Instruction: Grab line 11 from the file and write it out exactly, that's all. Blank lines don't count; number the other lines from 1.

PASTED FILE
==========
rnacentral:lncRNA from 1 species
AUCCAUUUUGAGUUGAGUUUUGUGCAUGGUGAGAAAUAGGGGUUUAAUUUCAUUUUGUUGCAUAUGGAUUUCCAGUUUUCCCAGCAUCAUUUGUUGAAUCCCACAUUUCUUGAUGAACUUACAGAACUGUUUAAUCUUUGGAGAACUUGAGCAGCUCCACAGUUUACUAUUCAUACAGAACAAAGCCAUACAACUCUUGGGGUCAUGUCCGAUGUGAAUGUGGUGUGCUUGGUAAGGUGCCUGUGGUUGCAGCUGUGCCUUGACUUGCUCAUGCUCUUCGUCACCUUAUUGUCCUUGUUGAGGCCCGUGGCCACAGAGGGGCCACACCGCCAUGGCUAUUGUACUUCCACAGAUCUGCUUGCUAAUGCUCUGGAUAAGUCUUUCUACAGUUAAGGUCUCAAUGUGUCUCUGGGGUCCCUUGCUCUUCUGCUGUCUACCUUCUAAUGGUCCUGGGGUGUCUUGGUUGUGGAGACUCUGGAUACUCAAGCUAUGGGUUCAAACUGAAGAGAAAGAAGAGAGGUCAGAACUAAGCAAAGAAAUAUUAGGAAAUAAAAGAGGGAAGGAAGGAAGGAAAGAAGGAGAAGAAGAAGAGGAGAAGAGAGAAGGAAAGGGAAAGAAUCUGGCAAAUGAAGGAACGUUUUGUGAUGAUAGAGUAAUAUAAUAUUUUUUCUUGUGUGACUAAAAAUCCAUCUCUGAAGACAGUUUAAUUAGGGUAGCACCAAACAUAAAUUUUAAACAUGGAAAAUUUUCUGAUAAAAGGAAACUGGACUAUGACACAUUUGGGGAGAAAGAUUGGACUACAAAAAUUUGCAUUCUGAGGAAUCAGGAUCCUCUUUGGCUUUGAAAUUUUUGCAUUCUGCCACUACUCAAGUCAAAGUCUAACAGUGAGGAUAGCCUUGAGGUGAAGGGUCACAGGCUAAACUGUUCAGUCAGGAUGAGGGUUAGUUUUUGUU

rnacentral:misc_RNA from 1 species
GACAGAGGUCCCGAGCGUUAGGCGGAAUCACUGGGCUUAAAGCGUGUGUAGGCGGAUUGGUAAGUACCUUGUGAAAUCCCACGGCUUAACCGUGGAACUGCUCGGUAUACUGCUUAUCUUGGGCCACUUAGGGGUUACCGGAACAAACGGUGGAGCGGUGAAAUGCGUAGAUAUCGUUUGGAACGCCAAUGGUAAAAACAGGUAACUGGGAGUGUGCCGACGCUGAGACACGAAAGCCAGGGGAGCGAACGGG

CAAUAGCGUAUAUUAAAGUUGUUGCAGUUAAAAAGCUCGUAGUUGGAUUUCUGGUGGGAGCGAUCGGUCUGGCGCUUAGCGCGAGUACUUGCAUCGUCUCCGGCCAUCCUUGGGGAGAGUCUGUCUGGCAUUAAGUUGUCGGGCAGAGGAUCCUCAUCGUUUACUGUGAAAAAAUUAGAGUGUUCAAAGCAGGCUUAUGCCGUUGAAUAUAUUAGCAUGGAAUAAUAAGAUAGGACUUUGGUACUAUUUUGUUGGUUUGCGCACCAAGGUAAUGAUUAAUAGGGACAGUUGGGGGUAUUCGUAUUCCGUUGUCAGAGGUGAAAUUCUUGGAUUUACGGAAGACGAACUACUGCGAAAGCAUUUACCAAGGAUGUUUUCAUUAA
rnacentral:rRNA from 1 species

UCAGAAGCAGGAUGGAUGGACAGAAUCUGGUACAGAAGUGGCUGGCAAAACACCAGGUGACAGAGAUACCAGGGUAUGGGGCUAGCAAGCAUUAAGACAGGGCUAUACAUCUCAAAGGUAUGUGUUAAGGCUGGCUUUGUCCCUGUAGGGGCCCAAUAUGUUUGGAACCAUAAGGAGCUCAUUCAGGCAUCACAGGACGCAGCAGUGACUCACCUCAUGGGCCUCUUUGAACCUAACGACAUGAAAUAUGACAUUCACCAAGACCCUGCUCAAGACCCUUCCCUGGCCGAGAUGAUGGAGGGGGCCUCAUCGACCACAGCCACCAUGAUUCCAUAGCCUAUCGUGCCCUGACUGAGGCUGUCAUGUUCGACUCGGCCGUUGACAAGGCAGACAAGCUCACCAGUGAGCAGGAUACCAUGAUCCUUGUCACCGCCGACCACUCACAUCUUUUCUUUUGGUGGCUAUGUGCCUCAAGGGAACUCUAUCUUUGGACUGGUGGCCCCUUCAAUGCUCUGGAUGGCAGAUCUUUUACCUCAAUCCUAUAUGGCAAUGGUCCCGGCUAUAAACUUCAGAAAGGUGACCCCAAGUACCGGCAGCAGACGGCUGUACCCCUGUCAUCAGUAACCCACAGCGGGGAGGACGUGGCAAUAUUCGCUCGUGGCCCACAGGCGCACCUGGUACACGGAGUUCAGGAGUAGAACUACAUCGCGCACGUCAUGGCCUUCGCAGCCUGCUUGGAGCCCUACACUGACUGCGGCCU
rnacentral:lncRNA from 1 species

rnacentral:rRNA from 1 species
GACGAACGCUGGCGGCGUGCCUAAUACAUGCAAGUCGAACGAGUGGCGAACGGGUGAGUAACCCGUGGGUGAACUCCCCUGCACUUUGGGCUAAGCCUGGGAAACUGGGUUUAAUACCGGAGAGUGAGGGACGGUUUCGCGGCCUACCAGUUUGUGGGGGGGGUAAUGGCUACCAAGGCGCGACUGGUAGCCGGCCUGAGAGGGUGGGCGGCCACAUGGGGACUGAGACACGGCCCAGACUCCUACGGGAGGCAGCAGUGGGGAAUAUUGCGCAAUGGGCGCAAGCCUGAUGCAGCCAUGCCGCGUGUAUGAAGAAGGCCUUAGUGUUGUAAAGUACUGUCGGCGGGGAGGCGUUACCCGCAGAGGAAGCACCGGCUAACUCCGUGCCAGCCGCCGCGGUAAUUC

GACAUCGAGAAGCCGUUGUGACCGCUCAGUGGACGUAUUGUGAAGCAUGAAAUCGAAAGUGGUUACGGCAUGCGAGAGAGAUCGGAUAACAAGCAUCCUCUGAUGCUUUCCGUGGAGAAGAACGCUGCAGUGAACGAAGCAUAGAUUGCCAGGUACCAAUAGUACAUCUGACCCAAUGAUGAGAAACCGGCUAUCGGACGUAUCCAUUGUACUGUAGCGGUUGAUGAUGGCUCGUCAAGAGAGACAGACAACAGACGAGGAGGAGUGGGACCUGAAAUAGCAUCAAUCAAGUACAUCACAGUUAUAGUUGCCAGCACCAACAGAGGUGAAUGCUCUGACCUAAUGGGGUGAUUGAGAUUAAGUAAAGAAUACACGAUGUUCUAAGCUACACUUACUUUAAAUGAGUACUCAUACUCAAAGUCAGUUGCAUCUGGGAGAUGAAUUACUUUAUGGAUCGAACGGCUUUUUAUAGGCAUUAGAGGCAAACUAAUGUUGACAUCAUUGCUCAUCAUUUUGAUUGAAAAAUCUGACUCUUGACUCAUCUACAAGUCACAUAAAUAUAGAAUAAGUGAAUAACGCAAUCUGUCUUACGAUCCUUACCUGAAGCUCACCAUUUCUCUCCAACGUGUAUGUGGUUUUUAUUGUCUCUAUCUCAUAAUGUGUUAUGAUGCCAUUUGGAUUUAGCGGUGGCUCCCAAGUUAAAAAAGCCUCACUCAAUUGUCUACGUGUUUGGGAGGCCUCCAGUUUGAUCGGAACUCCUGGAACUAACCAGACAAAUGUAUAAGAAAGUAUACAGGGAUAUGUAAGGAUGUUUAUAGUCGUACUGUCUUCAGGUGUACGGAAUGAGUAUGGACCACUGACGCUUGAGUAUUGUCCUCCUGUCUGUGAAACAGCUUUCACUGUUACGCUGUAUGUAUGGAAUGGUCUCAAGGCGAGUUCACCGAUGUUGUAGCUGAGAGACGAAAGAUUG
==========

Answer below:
GACAUCGAGAAGCCGUUGUGACCGCUCAGUGGACGUAUUGUGAAGCAUGAAAUCGAAAGUGGUUACGGCAUGCGAGAGAGAUCGGAUAACAAGCAUCCUCUGAUGCUUUCCGUGGAGAAGAACGCUGCAGUGAACGAAGCAUAGAUUGCCAGGUACCAAUAGUACAUCUGACCCAAUGAUGAGAAACCGGCUAUCGGACGUAUCCAUUGUACUGUAGCGGUUGAUGAUGGCUCGUCAAGAGAGACAGACAACAGACGAGGAGGAGUGGGACCUGAAAUAGCAUCAAUCAAGUACAUCACAGUUAUAGUUGCCAGCACCAACAGAGGUGAAUGCUCUGACCUAAUGGGGUGAUUGAGAUUAAGUAAAGAAUACACGAUGUUCUAAGCUACACUUACUUUAAAUGAGUACUCAUACUCAAAGUCAGUUGCAUCUGGGAGAUGAAUUACUUUAUGGAUCGAACGGCUUUUUAUAGGCAUUAGAGGCAAACUAAUGUUGACAUCAUUGCUCAUCAUUUUGAUUGAAAAAUCUGACUCUUGACUCAUCUACAAGUCACAUAAAUAUAGAAUAAGUGAAUAACGCAAUCUGUCUUACGAUCCUUACCUGAAGCUCACCAUUUCUCUCCAACGUGUAUGUGGUUUUUAUUGUCUCUAUCUCAUAAUGUGUUAUGAUGCCAUUUGGAUUUAGCGGUGGCUCCCAAGUUAAAAAAGCCUCACUCAAUUGUCUACGUGUUUGGGAGGCCUCCAGUUUGAUCGGAACUCCUGGAACUAACCAGACAAAUGUAUAAGAAAGUAUACAGGGAUAUGUAAGGAUGUUUAUAGUCGUACUGUCUUCAGGUGUACGGAAUGAGUAUGGACCACUGACGCUUGAGUAUUGUCCUCCUGUCUGUGAAACAGCUUUCACUGUUACGCUGUAUGUAUGGAAUGGUCUCAAGGCGAGUUCACCGAUGUUGUAGCUGAGAGACGAAAGAUUG